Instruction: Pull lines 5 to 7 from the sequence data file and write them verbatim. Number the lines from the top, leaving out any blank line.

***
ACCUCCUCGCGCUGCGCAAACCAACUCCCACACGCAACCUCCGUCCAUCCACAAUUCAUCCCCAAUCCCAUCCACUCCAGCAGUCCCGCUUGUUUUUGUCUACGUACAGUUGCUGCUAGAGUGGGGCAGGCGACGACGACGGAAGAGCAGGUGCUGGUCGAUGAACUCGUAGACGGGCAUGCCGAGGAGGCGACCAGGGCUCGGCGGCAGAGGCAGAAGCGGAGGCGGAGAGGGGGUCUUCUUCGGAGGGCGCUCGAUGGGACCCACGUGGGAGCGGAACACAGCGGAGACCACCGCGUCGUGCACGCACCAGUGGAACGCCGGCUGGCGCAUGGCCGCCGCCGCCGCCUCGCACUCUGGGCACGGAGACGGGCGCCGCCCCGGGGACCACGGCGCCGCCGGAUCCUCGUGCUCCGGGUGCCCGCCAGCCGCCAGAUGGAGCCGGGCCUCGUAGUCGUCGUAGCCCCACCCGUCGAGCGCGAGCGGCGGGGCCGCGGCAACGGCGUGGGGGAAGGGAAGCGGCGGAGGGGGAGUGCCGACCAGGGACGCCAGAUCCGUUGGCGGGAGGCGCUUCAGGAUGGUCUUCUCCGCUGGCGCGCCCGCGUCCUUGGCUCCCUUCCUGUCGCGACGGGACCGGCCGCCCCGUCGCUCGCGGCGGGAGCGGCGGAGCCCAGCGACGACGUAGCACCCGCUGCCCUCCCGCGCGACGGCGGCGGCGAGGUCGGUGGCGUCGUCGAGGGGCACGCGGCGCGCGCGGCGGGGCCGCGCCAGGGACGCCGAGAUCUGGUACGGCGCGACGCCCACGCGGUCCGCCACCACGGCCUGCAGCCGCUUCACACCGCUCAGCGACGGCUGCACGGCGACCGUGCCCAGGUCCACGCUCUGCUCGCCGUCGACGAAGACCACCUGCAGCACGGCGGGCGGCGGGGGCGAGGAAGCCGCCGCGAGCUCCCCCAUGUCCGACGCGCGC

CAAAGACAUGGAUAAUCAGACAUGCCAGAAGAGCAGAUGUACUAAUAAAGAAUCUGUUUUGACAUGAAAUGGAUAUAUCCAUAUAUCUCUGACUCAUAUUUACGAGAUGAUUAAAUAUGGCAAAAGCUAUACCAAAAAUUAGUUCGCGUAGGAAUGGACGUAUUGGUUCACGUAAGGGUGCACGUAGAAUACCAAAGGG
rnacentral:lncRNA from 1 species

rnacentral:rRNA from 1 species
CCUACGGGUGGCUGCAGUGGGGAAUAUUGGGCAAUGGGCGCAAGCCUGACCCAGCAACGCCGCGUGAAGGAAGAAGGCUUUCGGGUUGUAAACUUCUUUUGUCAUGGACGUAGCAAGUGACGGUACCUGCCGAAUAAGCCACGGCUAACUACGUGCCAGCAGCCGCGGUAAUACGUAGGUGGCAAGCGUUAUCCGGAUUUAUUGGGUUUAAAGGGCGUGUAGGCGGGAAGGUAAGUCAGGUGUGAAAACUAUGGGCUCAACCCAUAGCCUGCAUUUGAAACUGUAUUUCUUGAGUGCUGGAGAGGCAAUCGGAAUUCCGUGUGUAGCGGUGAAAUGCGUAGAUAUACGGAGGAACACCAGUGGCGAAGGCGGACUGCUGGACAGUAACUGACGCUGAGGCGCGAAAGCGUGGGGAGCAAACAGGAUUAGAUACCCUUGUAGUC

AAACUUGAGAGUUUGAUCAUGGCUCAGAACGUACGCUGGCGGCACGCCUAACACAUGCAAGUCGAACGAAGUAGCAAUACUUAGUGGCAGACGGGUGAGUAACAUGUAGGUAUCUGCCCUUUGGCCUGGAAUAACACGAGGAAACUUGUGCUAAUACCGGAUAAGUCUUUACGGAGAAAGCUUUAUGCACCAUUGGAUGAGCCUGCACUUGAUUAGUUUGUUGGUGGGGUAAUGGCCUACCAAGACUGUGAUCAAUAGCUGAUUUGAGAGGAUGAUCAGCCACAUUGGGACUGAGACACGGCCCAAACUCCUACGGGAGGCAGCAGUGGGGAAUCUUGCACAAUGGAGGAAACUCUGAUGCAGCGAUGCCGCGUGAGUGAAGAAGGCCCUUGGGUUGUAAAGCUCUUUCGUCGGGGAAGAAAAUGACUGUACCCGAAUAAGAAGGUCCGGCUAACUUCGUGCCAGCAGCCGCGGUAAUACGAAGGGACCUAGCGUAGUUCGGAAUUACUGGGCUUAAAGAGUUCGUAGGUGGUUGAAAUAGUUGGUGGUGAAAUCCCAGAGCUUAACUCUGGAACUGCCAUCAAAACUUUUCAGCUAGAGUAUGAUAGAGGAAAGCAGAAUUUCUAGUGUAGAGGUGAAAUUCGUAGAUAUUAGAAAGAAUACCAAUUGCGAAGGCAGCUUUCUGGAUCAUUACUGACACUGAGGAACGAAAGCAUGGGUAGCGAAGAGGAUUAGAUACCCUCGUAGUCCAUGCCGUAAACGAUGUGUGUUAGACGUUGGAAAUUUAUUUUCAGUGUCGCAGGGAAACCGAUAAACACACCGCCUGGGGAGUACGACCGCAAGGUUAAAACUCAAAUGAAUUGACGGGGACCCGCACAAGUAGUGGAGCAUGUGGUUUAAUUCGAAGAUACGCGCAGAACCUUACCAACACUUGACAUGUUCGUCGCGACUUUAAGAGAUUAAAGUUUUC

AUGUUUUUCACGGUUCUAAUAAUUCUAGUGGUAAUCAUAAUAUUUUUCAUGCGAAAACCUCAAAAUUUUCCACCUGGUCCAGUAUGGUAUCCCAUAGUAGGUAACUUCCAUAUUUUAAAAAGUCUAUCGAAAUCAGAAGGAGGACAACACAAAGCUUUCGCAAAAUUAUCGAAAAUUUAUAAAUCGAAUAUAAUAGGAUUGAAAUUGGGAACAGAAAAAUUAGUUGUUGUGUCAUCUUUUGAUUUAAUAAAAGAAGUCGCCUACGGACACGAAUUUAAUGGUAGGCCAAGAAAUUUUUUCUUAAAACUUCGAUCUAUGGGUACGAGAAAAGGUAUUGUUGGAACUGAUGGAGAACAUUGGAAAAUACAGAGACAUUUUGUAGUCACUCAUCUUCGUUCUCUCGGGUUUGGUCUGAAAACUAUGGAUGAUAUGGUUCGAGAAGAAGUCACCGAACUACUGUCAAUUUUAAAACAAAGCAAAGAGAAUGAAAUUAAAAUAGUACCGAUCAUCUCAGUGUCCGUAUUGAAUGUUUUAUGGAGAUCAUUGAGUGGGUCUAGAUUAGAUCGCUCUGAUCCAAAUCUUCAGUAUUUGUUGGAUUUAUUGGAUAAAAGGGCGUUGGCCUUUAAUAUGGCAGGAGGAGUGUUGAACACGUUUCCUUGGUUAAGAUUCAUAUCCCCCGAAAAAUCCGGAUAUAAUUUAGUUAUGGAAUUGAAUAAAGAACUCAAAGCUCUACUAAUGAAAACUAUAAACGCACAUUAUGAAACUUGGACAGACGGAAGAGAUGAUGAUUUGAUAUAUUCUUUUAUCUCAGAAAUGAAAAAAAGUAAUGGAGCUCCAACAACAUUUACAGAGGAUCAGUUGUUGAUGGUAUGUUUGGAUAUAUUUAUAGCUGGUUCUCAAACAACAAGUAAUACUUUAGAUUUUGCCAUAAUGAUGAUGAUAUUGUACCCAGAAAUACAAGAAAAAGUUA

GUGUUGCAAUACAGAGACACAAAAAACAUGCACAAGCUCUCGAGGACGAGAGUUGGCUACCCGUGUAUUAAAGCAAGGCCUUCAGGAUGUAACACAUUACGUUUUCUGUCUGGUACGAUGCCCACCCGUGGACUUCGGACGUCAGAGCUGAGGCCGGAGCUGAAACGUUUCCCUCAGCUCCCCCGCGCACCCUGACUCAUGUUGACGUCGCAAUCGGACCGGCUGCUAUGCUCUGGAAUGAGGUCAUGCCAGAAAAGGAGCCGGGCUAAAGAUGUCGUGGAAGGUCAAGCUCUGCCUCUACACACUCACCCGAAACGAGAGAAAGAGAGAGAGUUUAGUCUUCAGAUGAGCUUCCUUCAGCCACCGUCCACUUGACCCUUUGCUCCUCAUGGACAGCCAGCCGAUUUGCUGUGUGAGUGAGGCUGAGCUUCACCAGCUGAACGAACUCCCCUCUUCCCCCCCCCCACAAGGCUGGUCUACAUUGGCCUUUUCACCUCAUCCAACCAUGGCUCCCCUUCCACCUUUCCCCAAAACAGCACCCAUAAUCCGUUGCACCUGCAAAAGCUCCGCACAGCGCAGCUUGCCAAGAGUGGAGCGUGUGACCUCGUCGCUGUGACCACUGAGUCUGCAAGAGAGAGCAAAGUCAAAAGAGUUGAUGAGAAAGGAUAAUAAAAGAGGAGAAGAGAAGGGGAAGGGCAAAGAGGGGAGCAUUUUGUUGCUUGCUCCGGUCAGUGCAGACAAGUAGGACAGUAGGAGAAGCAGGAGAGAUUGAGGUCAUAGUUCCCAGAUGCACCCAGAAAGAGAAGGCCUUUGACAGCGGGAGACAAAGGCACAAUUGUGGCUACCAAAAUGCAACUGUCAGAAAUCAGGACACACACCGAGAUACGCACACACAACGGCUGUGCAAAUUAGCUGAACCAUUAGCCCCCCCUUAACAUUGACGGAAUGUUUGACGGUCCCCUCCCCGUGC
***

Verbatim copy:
CCUACGGGUGGCUGCAGUGGGGAAUAUUGGGCAAUGGGCGCAAGCCUGACCCAGCAACGCCGCGUGAAGGAAGAAGGCUUUCGGGUUGUAAACUUCUUUUGUCAUGGACGUAGCAAGUGACGGUACCUGCCGAAUAAGCCACGGCUAACUACGUGCCAGCAGCCGCGGUAAUACGUAGGUGGCAAGCGUUAUCCGGAUUUAUUGGGUUUAAAGGGCGUGUAGGCGGGAAGGUAAGUCAGGUGUGAAAACUAUGGGCUCAACCCAUAGCCUGCAUUUGAAACUGUAUUUCUUGAGUGCUGGAGAGGCAAUCGGAAUUCCGUGUGUAGCGGUGAAAUGCGUAGAUAUACGGAGGAACACCAGUGGCGAAGGCGGACUGCUGGACAGUAACUGACGCUGAGGCGCGAAAGCGUGGGGAGCAAACAGGAUUAGAUACCCUUGUAGUC

AAACUUGAGAGUUUGAUCAUGGCUCAGAACGUACGCUGGCGGCACGCCUAACACAUGCAAGUCGAACGAAGUAGCAAUACUUAGUGGCAGACGGGUGAGUAACAUGUAGGUAUCUGCCCUUUGGCCUGGAAUAACACGAGGAAACUUGUGCUAAUACCGGAUAAGUCUUUACGGAGAAAGCUUUAUGCACCAUUGGAUGAGCCUGCACUUGAUUAGUUUGUUGGUGGGGUAAUGGCCUACCAAGACUGUGAUCAAUAGCUGAUUUGAGAGGAUGAUCAGCCACAUUGGGACUGAGACACGGCCCAAACUCCUACGGGAGGCAGCAGUGGGGAAUCUUGCACAAUGGAGGAAACUCUGAUGCAGCGAUGCCGCGUGAGUGAAGAAGGCCCUUGGGUUGUAAAGCUCUUUCGUCGGGGAAGAAAAUGACUGUACCCGAAUAAGAAGGUCCGGCUAACUUCGUGCCAGCAGCCGCGGUAAUACGAAGGGACCUAGCGUAGUUCGGAAUUACUGGGCUUAAAGAGUUCGUAGGUGGUUGAAAUAGUUGGUGGUGAAAUCCCAGAGCUUAACUCUGGAACUGCCAUCAAAACUUUUCAGCUAGAGUAUGAUAGAGGAAAGCAGAAUUUCUAGUGUAGAGGUGAAAUUCGUAGAUAUUAGAAAGAAUACCAAUUGCGAAGGCAGCUUUCUGGAUCAUUACUGACACUGAGGAACGAAAGCAUGGGUAGCGAAGAGGAUUAGAUACCCUCGUAGUCCAUGCCGUAAACGAUGUGUGUUAGACGUUGGAAAUUUAUUUUCAGUGUCGCAGGGAAACCGAUAAACACACCGCCUGGGGAGUACGACCGCAAGGUUAAAACUCAAAUGAAUUGACGGGGACCCGCACAAGUAGUGGAGCAUGUGGUUUAAUUCGAAGAUACGCGCAGAACCUUACCAACACUUGACAUGUUCGUCGCGACUUUAAGAGAUUAAAGUUUUC

AUGUUUUUCACGGUUCUAAUAAUUCUAGUGGUAAUCAUAAUAUUUUUCAUGCGAAAACCUCAAAAUUUUCCACCUGGUCCAGUAUGGUAUCCCAUAGUAGGUAACUUCCAUAUUUUAAAAAGUCUAUCGAAAUCAGAAGGAGGACAACACAAAGCUUUCGCAAAAUUAUCGAAAAUUUAUAAAUCGAAUAUAAUAGGAUUGAAAUUGGGAACAGAAAAAUUAGUUGUUGUGUCAUCUUUUGAUUUAAUAAAAGAAGUCGCCUACGGACACGAAUUUAAUGGUAGGCCAAGAAAUUUUUUCUUAAAACUUCGAUCUAUGGGUACGAGAAAAGGUAUUGUUGGAACUGAUGGAGAACAUUGGAAAAUACAGAGACAUUUUGUAGUCACUCAUCUUCGUUCUCUCGGGUUUGGUCUGAAAACUAUGGAUGAUAUGGUUCGAGAAGAAGUCACCGAACUACUGUCAAUUUUAAAACAAAGCAAAGAGAAUGAAAUUAAAAUAGUACCGAUCAUCUCAGUGUCCGUAUUGAAUGUUUUAUGGAGAUCAUUGAGUGGGUCUAGAUUAGAUCGCUCUGAUCCAAAUCUUCAGUAUUUGUUGGAUUUAUUGGAUAAAAGGGCGUUGGCCUUUAAUAUGGCAGGAGGAGUGUUGAACACGUUUCCUUGGUUAAGAUUCAUAUCCCCCGAAAAAUCCGGAUAUAAUUUAGUUAUGGAAUUGAAUAAAGAACUCAAAGCUCUACUAAUGAAAACUAUAAACGCACAUUAUGAAACUUGGACAGACGGAAGAGAUGAUGAUUUGAUAUAUUCUUUUAUCUCAGAAAUGAAAAAAAGUAAUGGAGCUCCAACAACAUUUACAGAGGAUCAGUUGUUGAUGGUAUGUUUGGAUAUAUUUAUAGCUGGUUCUCAAACAACAAGUAAUACUUUAGAUUUUGCCAUAAUGAUGAUGAUAUUGUACCCAGAAAUACAAGAAAAAGUUA